Steelers' relationship with U.S. Military

Statement from Steelers spokesman Burt Lauten on the relationship between the Pittsburgh Steelers and the U.S. Military:

The recent story regarding the financial connection between the Pittsburgh Steelers and the U.S. Military mischaracterizes the Steelers' relationship with the Armed Forces.

The U.S. Military went to an all-volunteer army in 1973. Since that time, the U.S. Armed Services have spent millions of dollars to attract a sufficient number of recruits to sign up annually in order to meet the needs of maintaining a strong military. Like many other advertisers desiring to get their message to large audiences, the military has advertised with the Steelers, as well as other sports leagues and teams as part of its recruiting programs.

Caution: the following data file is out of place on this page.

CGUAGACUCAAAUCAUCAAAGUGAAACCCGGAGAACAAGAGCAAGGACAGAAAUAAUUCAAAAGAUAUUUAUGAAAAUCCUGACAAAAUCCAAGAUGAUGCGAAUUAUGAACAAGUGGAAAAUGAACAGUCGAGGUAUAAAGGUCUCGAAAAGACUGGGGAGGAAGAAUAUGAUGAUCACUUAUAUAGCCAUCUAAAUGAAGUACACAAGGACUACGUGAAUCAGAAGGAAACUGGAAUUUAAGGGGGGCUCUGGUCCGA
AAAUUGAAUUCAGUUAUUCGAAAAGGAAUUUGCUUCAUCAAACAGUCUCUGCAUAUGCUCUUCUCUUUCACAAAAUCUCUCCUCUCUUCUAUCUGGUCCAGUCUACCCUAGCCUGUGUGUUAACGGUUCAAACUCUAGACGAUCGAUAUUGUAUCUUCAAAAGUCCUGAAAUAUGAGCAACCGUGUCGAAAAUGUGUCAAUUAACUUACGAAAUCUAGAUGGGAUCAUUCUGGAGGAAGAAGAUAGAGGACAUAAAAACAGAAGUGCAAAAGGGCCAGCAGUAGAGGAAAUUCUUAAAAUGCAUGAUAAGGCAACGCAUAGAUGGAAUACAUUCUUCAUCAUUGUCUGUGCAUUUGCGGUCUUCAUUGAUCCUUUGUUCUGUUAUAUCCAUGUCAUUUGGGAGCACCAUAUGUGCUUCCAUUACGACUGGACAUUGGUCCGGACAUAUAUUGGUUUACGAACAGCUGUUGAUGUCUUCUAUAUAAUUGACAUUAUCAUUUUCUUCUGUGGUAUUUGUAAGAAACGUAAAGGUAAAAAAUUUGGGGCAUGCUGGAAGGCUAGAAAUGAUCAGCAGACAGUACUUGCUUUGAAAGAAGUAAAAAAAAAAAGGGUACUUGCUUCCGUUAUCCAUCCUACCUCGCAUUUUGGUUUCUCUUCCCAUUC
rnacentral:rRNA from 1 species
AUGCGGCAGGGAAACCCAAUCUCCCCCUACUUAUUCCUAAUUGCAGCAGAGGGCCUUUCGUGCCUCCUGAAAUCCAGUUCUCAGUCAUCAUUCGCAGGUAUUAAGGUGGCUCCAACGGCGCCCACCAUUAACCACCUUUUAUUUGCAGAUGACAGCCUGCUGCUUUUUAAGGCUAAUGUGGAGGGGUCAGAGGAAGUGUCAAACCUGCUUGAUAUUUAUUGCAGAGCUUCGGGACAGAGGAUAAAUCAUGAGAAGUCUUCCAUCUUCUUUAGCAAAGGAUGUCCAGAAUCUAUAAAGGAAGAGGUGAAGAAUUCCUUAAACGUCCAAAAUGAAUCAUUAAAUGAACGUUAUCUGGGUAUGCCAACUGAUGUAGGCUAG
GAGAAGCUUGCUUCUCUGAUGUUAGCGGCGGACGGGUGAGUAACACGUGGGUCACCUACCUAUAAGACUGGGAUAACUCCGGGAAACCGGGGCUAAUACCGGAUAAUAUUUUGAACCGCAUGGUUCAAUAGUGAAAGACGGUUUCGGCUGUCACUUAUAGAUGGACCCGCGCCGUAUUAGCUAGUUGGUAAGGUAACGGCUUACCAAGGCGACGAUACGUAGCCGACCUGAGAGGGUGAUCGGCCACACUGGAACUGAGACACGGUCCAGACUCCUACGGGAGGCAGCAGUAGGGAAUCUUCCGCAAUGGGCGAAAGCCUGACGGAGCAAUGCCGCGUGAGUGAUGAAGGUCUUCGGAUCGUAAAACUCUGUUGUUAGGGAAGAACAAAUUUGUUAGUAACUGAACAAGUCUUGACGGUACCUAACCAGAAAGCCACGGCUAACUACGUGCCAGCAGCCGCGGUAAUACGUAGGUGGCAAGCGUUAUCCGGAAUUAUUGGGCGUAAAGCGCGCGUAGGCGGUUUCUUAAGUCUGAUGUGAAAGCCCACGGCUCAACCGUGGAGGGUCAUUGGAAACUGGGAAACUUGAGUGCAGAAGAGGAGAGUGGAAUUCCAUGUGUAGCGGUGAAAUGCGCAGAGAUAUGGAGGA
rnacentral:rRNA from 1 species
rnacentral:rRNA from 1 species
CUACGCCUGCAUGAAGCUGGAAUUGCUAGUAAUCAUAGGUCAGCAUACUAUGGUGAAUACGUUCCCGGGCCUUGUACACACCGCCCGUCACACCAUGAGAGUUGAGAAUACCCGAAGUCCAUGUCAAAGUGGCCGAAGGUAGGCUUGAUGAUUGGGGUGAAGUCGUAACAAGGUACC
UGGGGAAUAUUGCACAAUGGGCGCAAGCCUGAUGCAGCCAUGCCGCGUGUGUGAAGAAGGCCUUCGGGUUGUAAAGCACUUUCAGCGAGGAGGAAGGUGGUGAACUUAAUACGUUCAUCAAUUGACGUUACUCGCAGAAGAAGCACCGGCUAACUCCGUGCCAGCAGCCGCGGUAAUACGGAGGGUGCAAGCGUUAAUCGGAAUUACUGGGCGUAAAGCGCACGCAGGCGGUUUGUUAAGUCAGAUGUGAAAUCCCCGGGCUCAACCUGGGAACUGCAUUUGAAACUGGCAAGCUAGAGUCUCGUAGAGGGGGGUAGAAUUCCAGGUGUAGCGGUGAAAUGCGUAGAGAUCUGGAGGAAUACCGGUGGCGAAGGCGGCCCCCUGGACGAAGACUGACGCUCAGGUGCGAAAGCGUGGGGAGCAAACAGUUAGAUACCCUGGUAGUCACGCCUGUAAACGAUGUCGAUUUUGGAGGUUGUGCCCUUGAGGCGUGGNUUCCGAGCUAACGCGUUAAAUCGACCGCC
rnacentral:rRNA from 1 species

The military is not alone in its decision to advertise with entities that effectively deliver its message to large numbers of its target audience. In fact, the military's spending with the Steelers is relatively small in comparison to other advertisers in sports media.

The advertising and promotion the military does with the Steelers to advance its recruiting efforts has no connection to the programs the Steelers have that provide an opportunity for our fans to salute our military veterans and active service members. Our Veterans Day programs, as well as our players' visits to military hospitals and wounded veterans, are well received by the military and are appreciated by our fans.

Connecting what the military spends on its recruiting efforts to the Steelers' various programs recognizing our Veterans is a clear misrepresentation, and we believe the real story needs to be told.

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